Campus & Community

Medical School Sponsors High School Science Competition

3 min read
Glenn Gaviola, HMS ’03 guides high school students through a laboratory exercise during the Southern New England Regional Junior Science and Humanities Symposium, a two-day science mentoring event that culminates with the regional science fair competition.

“If you have ever experienced intolerable delays downloading a program or page, you understand the pitfalls of Internet congestion,” said Nathaniel Duca before a panel of science judges at the Medical School (HMS), sounding more like a new economy devotee at an upstart “” than a teen competing at a regional science fair.

The event, the Southern New England Regional Junior Science and Humanities Symposium (JSHS), has been sponsored by the Medical School’s Minority Faculty Development for the past four years.

Duca was one of 10 outstanding high school students from southern Massachusetts and Rhode Island who came to HMS vying for an opportunity to compete for the National Junior Science and Humanities Symposium title in Washington, D.C., later this year. These 10 students were chosen after judges from HMS reviewed 42 submitted abstracts. An additional 24 students were invited to prepare poster presentations.

The young scientists selected to participate in the competition defended their papers at an academic level reminiscent of a doctoral dissertation defence. And the topics, which ranged from firefighting robots to the long telomeres in the Galapagos tortoise, appeared suitable for federal research grants.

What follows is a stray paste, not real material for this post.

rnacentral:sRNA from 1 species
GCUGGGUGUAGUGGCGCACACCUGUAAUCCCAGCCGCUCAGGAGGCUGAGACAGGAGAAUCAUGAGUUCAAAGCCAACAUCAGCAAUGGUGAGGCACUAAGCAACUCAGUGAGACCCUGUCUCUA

At each of the 48 Regional Symposia across the country, a winner receives a scholarship award and, with four other finalists, is invited to present his or her research at the National Symposium. More than 10,000 students and teachers participated in the JSHS regional two-day events this year.

“Two hundred students and teachers, representing 33 area high schools participated this year at our Regional Symposium,” said Joan Reede, associate dean for faculty development and diversity. “Our program offers participants the opportunity to tour research laboratories and be exposed to various clinical settings at the Harvard teaching hospitals.”

Duca’s solution to Internet congestion – a methodology to monitor Internet performance on a global scale to pre empt performance crises – scored well with the faculty panel from the University, Medical School, School of Public Health, and area high schools, who awarded the high school senior first-place honors. The award includes a $4,000 scholarship and the opportunity to compete for the national title.

One of the students participating in this year’s competition, Laura Martin, was a past member of Project Success, an additional program sponsored by the HMS Minority Faculty Development Program that offers qualified students living in Cambridge or Boston an eight-week paid summer research position at HMS or an affiliated institution. Since the pilot program was launched in 1993, Project Success students have matriculated at such colleges as Harvard, the Massachusetts Institute of Technology, Wellesley, Smith, Dartmouth, and Yale, among others.

“For children to become the next great clinicians or research scientists, the communities they live in need to inspire them,” said Reede. “That’s what our programs strive for. And in return, these kids inspire us.”

Carole Teperow is a member of the Faculty Development and Diversity Office at Harvard Medical School.